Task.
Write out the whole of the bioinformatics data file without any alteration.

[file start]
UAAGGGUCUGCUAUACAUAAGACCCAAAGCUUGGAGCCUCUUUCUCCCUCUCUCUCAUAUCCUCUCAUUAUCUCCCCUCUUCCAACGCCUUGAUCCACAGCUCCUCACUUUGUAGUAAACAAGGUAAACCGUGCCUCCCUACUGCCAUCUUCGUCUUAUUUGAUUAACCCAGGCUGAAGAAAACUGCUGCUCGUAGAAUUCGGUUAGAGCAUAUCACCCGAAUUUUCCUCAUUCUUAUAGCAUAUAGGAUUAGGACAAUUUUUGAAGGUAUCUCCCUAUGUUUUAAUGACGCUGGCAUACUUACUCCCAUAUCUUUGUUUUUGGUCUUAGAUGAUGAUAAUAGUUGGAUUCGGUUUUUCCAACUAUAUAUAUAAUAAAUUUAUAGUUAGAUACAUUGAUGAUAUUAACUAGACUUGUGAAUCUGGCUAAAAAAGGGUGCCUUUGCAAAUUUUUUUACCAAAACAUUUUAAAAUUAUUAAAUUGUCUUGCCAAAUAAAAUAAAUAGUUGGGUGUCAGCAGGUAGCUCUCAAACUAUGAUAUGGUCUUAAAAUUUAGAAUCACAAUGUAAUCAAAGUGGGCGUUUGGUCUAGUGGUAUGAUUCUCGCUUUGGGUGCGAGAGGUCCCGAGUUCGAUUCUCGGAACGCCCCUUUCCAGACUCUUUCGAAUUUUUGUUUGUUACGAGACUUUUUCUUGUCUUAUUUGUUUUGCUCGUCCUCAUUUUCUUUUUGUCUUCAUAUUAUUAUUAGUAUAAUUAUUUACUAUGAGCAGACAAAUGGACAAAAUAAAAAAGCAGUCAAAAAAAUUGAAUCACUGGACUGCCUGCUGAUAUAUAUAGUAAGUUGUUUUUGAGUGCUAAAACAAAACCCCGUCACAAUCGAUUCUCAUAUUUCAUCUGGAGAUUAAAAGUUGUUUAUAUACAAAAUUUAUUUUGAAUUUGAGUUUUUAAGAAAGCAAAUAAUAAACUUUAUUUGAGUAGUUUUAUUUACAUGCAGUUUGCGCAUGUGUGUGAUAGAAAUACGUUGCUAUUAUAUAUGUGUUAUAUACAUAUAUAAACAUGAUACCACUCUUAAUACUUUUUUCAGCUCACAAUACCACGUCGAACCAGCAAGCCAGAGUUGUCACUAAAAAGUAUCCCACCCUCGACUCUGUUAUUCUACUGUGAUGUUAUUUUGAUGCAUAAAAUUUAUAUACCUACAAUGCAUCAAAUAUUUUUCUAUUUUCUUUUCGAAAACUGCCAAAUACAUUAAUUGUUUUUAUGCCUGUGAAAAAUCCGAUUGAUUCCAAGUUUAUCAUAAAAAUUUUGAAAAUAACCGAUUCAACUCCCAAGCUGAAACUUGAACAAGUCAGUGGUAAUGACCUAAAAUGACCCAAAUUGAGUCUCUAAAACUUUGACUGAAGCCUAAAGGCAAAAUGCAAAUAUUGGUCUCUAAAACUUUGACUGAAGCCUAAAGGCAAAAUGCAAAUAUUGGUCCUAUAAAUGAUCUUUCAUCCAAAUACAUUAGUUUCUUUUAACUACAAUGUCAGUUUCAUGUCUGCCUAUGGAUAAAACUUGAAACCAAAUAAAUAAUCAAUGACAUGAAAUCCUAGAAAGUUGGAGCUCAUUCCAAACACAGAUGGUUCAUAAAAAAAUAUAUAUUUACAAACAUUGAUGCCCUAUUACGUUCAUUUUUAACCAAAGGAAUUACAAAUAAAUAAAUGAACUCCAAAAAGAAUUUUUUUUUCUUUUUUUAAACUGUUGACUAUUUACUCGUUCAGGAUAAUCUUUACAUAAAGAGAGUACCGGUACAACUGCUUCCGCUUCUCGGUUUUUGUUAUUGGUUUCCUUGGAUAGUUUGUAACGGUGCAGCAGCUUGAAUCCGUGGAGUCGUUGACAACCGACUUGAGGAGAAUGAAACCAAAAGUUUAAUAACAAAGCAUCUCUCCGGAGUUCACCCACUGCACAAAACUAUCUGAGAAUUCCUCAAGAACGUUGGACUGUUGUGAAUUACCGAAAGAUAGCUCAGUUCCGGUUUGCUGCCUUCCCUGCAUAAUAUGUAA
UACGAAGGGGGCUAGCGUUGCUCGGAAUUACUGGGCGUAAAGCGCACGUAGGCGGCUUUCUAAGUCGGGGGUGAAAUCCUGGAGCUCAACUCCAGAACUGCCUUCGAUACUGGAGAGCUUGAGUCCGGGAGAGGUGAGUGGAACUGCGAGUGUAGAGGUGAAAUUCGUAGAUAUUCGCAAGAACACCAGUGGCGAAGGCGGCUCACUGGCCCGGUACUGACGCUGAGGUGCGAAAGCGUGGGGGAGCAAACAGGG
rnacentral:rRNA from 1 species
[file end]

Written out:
UAAGGGUCUGCUAUACAUAAGACCCAAAGCUUGGAGCCUCUUUCUCCCUCUCUCUCAUAUCCUCUCAUUAUCUCCCCUCUUCCAACGCCUUGAUCCACAGCUCCUCACUUUGUAGUAAACAAGGUAAACCGUGCCUCCCUACUGCCAUCUUCGUCUUAUUUGAUUAACCCAGGCUGAAGAAAACUGCUGCUCGUAGAAUUCGGUUAGAGCAUAUCACCCGAAUUUUCCUCAUUCUUAUAGCAUAUAGGAUUAGGACAAUUUUUGAAGGUAUCUCCCUAUGUUUUAAUGACGCUGGCAUACUUACUCCCAUAUCUUUGUUUUUGGUCUUAGAUGAUGAUAAUAGUUGGAUUCGGUUUUUCCAACUAUAUAUAUAAUAAAUUUAUAGUUAGAUACAUUGAUGAUAUUAACUAGACUUGUGAAUCUGGCUAAAAAAGGGUGCCUUUGCAAAUUUUUUUACCAAAACAUUUUAAAAUUAUUAAAUUGUCUUGCCAAAUAAAAUAAAUAGUUGGGUGUCAGCAGGUAGCUCUCAAACUAUGAUAUGGUCUUAAAAUUUAGAAUCACAAUGUAAUCAAAGUGGGCGUUUGGUCUAGUGGUAUGAUUCUCGCUUUGGGUGCGAGAGGUCCCGAGUUCGAUUCUCGGAACGCCCCUUUCCAGACUCUUUCGAAUUUUUGUUUGUUACGAGACUUUUUCUUGUCUUAUUUGUUUUGCUCGUCCUCAUUUUCUUUUUGUCUUCAUAUUAUUAUUAGUAUAAUUAUUUACUAUGAGCAGACAAAUGGACAAAAUAAAAAAGCAGUCAAAAAAAUUGAAUCACUGGACUGCCUGCUGAUAUAUAUAGUAAGUUGUUUUUGAGUGCUAAAACAAAACCCCGUCACAAUCGAUUCUCAUAUUUCAUCUGGAGAUUAAAAGUUGUUUAUAUACAAAAUUUAUUUUGAAUUUGAGUUUUUAAGAAAGCAAAUAAUAAACUUUAUUUGAGUAGUUUUAUUUACAUGCAGUUUGCGCAUGUGUGUGAUAGAAAUACGUUGCUAUUAUAUAUGUGUUAUAUACAUAUAUAAACAUGAUACCACUCUUAAUACUUUUUUCAGCUCACAAUACCACGUCGAACCAGCAAGCCAGAGUUGUCACUAAAAAGUAUCCCACCCUCGACUCUGUUAUUCUACUGUGAUGUUAUUUUGAUGCAUAAAAUUUAUAUACCUACAAUGCAUCAAAUAUUUUUCUAUUUUCUUUUCGAAAACUGCCAAAUACAUUAAUUGUUUUUAUGCCUGUGAAAAAUCCGAUUGAUUCCAAGUUUAUCAUAAAAAUUUUGAAAAUAACCGAUUCAACUCCCAAGCUGAAACUUGAACAAGUCAGUGGUAAUGACCUAAAAUGACCCAAAUUGAGUCUCUAAAACUUUGACUGAAGCCUAAAGGCAAAAUGCAAAUAUUGGUCUCUAAAACUUUGACUGAAGCCUAAAGGCAAAAUGCAAAUAUUGGUCCUAUAAAUGAUCUUUCAUCCAAAUACAUUAGUUUCUUUUAACUACAAUGUCAGUUUCAUGUCUGCCUAUGGAUAAAACUUGAAACCAAAUAAAUAAUCAAUGACAUGAAAUCCUAGAAAGUUGGAGCUCAUUCCAAACACAGAUGGUUCAUAAAAAAAUAUAUAUUUACAAACAUUGAUGCCCUAUUACGUUCAUUUUUAACCAAAGGAAUUACAAAUAAAUAAAUGAACUCCAAAAAGAAUUUUUUUUUCUUUUUUUAAACUGUUGACUAUUUACUCGUUCAGGAUAAUCUUUACAUAAAGAGAGUACCGGUACAACUGCUUCCGCUUCUCGGUUUUUGUUAUUGGUUUCCUUGGAUAGUUUGUAACGGUGCAGCAGCUUGAAUCCGUGGAGUCGUUGACAACCGACUUGAGGAGAAUGAAACCAAAAGUUUAAUAACAAAGCAUCUCUCCGGAGUUCACCCACUGCACAAAACUAUCUGAGAAUUCCUCAAGAACGUUGGACUGUUGUGAAUUACCGAAAGAUAGCUCAGUUCCGGUUUGCUGCCUUCCCUGCAUAAUAUGUAA
UACGAAGGGGGCUAGCGUUGCUCGGAAUUACUGGGCGUAAAGCGCACGUAGGCGGCUUUCUAAGUCGGGGGUGAAAUCCUGGAGCUCAACUCCAGAACUGCCUUCGAUACUGGAGAGCUUGAGUCCGGGAGAGGUGAGUGGAACUGCGAGUGUAGAGGUGAAAUUCGUAGAUAUUCGCAAGAACACCAGUGGCGAAGGCGGCUCACUGGCCCGGUACUGACGCUGAGGUGCGAAAGCGUGGGGGAGCAAACAGGG
rnacentral:rRNA from 1 species